Gross Domestic Product (GDP) – Basic Concept

What is GDP?

Gross Domestic Product (GDP) is the market value of all final goods and services produced within a country in a given period of time. GDP is the basic measure of the country’s economic performance over a given period.

GDP is measured by three basic approaches

  1. Expenditure approach
  2. Income approach
  3. Value based approach

Types of GDP:

  • Real GDP
  • Nominal GDP

Real GDP is the production of goods and services valued at constant prices whereas nominal GDP is the production of goods and services valued at current prices.

But why we need to measure both real and nominal GDP?

Now when the total spending increases in a given period it points towards two happenings, either the goods or services are sold at higher prices (i.e inflation has increased) or the total output of goods and services have increased. While studying economy, economist tries to separate these two effects. Hence they measure the real GDP which allows them to find whether production of goods and services has increased or decreased over the periods.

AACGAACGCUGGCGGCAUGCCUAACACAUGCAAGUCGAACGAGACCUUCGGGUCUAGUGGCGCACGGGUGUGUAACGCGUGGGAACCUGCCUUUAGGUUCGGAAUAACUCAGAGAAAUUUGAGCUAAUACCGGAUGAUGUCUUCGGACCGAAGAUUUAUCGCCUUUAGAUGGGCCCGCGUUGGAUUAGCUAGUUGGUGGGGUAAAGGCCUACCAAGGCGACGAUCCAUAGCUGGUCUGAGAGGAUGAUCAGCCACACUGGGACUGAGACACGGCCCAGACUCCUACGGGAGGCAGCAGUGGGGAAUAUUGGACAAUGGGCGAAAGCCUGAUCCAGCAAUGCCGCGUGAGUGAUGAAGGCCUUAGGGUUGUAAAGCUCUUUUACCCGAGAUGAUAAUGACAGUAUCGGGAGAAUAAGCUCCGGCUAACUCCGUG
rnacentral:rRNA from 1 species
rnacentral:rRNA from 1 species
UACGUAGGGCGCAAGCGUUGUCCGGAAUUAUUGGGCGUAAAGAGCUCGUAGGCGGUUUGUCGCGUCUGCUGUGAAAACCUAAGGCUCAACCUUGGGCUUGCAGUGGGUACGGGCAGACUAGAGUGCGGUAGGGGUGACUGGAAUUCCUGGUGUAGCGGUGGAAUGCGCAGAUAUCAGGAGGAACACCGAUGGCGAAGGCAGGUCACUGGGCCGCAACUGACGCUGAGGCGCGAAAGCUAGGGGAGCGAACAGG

Components of GDP:

GDP is a variable which depends upon four other variables. These variables form components of GDP


C= total consumption
I = gross investment
G= Government spending
NX= exports less imports

Consumption is spending by households on goods and services. Here we do not include purchase of new housing. Investment is spending on inventories. Equipments and purchase of new housing Government spending includes spending on goods and services by state and central government Net exports spending on the domestic products by foreigners less spending on foreign products by locals.

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GDP Gross Domestic Product

10 thoughts on “Gross Domestic Product (GDP) – Basic Concept

  1. Anil Gupta200 says:

    Thanks Sir ji………..

  2. nice bt please explain to karo

  3. thanx ab samajh aya 

  4. nice one

  5. useful information

  6. nice 

  7. GDP vs GNP

    GDP is product produced within a country’s borders; GNP is product
    produced by enterprises owned by a country’s citizens. The two would be the same if all of the productive enterprises in a country were owned by its own citizens, and those citizens did not own productive enterprises in any other countries.

    To take the United States as an example, the U.S.’s GNP is the value of output produced by American-owned firms, regardless of where the firms are located.

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